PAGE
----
Parasites Use Sophisticated Biochemistry to Take Over Their Hosts


In the rain forests of Costa Rica lives Anelosimus octavius, a species of spider that sometimes displays a strange and ghoulish habit.

From time to time these spiders abandon their own web and build a radically different one, a home not for the spider but for a parasitic wasp that has been living inside it. Then the spider dies — a zombie architect, its brain hijacked by its parasitic invader — and out of its body crawls the wasp’s larva, which has been growing inside it all this time.

The current issue of the prestigious Journal of Experimental Biology is entirely dedicated to such examples of zombies in nature. They are far from rare. Viruses, fungi, protozoans, wasps, tapeworms and a vast number of other parasites can control the brains of their hosts and get them to do their bidding. But only recently have scientists started to work out the sophisticated biochemistry that the parasites use.

“The knowledge that parasites can manipulate their hosts is old. The new part is how they do it,” said Shelley Adamo of Dalhousie University in Nova Scotia, a co-editor of the new issue. “The last 5 to 10 years have really been exciting.”

In the case of the Costa Rican spider, the new web is splendidly suited to its wasp invader. Unlike the spider’s normal web, mostly a tangle of threads, this one has a platform topped by a thick sheet that protects it from the rain. The wasp larva crawls to the edge of the platform and spins a cocoon that hangs down through an opening that the spider has kindly provided for the parasite.

Written By: Carl Zimmer
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  1. Fascinating.   Loved reading more about SuperRat.  He knows no fear, he’s sexy, the ratettes adore him.  He’s a super rat hero!  Oh, look.  The cat got him….

    Imagine a cautionary tale told by rat parents to their offspring (Yes, I know, it’s  anthropomorphist.  Get over it), about the rat who sold his soul to the devil.  He wanted to be big and strong, fearless, and attractive to the females.   Devil showed him some Good Shit to eat, and his wish came true, for the rest of his short life.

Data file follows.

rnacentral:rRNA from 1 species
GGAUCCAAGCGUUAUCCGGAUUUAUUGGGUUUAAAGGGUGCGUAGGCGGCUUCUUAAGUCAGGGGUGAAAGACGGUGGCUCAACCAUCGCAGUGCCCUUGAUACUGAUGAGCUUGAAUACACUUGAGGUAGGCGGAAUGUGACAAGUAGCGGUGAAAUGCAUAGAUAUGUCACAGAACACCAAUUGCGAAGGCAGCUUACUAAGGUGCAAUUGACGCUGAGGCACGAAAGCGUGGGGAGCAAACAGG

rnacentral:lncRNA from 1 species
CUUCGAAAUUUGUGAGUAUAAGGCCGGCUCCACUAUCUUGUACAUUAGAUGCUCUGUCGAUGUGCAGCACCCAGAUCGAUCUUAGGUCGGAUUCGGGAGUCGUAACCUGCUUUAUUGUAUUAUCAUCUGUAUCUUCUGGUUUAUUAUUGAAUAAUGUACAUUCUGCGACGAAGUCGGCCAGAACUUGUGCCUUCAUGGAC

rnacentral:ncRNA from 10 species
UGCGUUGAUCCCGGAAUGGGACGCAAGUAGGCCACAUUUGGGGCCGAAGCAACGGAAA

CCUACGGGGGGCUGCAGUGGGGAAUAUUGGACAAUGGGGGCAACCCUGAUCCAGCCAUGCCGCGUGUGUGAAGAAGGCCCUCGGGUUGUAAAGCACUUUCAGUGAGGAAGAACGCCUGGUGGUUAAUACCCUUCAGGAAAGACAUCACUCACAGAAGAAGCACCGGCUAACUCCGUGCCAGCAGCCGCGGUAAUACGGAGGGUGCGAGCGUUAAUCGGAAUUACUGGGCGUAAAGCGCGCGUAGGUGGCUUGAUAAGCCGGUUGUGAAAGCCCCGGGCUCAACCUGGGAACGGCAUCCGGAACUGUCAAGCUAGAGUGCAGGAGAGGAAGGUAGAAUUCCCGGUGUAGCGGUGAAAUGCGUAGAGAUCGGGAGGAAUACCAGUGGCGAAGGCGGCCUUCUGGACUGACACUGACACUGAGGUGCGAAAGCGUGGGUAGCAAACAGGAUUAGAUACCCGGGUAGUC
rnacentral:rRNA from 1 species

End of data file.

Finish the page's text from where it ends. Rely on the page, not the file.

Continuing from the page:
I wonder if having some of these super-rats around could somehow be beneficial to the uninfected?  Gives the cats someone else to eat instead of me, and generally serves an educational purpose, as a counter-example of how to behave.

  2. All parasites will have some positive effect on the uninfected to some extent. They inevitably will move the animal from the niche it has been prepared for by evolution – it could simply be using up some resources better used elsewhere, therefore just making it slightly less effective at living – whether that be a bit slower, producing a few fewer sperm or eggs, or having to spend more time eating than it otherwise would, or it could be directly modified by the parasite to its detriment – wasp larvae eating insects before they reach adulthood, or the super-rat referenced. Inevitably the other animals competing in the niche benefit from the lack of competition, and, save species whose individuals are extremely isolated, the other competing animals are the uninfected from the same species.
    Of course there may be a down-side for the uninfected too – but I suspect that is only likely in (a) very small surviving groups where the loss of an individual could push the group to extinction (b) very complex social groups dependant on certain individuals to some extent for success. But the effect is likely to be minimal (in the case of (a) they’re likely to be on the way out anyway (b) they’d have to be very unlucky to end up with the more important individual being infected rather than the plebs, particularly as important individuals are likely to have best access to food etc and therefore less likely to contract or succumb to infection. 

    Obviously it could have a downside for those who remain (in human terms – what if Churchill died from malaria in 1940?) but is much more likely to be an upside (for example, the black death caused a blossoming of wealth and culture as the survivors gained more resources).

  3. Thanks for the thoughtful response.  Though you did raise the spectre of an Important Individual being infected by some psycho-active parasite.  Stuff of science fiction, I hope.   Though – what if there was a parasite that wanted lots of human corpses, and its way to get them was to compel its hosts into setting up a genocidal regime….

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